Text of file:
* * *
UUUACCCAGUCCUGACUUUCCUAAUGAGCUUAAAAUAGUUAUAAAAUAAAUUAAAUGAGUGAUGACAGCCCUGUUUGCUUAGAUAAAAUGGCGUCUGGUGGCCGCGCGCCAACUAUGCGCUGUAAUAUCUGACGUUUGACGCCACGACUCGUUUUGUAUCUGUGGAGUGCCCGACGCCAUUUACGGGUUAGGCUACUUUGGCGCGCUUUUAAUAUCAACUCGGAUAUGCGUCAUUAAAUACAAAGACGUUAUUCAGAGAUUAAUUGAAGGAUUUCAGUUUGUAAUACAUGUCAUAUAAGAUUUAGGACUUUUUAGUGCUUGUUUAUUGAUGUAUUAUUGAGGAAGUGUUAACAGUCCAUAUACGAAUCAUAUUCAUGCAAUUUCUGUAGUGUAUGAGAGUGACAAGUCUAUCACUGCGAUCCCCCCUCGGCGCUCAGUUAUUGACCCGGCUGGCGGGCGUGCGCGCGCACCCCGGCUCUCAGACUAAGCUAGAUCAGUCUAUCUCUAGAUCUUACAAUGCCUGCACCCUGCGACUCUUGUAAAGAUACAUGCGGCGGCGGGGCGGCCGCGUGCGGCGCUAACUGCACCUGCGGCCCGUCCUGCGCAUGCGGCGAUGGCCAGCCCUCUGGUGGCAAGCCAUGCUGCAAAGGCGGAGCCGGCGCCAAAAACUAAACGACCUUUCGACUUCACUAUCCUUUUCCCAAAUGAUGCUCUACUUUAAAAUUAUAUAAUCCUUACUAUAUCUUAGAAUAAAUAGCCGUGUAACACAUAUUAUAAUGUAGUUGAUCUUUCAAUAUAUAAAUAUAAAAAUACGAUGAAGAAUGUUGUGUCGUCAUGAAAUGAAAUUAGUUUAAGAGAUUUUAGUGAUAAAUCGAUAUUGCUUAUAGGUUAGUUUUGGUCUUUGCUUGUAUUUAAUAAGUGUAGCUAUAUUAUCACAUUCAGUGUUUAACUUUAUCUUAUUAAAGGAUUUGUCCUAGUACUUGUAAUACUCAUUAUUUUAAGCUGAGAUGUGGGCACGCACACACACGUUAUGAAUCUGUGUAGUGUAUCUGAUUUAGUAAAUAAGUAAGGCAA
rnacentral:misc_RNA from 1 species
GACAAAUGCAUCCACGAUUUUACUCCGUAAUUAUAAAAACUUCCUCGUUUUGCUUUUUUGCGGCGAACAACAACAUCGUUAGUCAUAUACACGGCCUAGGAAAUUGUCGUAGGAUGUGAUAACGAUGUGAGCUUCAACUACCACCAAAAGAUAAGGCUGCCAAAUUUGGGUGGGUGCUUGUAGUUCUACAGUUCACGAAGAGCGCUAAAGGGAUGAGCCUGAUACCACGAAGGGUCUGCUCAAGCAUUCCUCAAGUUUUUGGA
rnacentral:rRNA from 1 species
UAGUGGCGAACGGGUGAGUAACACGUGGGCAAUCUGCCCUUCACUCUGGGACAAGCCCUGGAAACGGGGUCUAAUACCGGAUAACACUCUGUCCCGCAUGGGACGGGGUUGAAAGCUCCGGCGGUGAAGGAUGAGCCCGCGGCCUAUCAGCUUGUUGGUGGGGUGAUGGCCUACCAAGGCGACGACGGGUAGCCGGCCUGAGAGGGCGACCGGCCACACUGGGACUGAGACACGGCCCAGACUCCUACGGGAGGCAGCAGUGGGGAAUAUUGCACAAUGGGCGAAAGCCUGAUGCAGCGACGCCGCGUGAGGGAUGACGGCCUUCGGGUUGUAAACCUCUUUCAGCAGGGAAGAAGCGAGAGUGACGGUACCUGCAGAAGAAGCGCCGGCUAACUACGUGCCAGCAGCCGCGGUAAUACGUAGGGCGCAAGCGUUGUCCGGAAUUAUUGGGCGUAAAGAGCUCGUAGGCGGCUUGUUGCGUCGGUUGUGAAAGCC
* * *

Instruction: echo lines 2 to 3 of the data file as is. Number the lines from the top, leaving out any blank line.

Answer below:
rnacentral:misc_RNA from 1 species
GACAAAUGCAUCCACGAUUUUACUCCGUAAUUAUAAAAACUUCCUCGUUUUGCUUUUUUGCGGCGAACAACAACAUCGUUAGUCAUAUACACGGCCUAGGAAAUUGUCGUAGGAUGUGAUAACGAUGUGAGCUUCAACUACCACCAAAAGAUAAGGCUGCCAAAUUUGGGUGGGUGCUUGUAGUUCUACAGUUCACGAAGAGCGCUAAAGGGAUGAGCCUGAUACCACGAAGGGUCUGCUCAAGCAUUCCUCAAGUUUUUGGA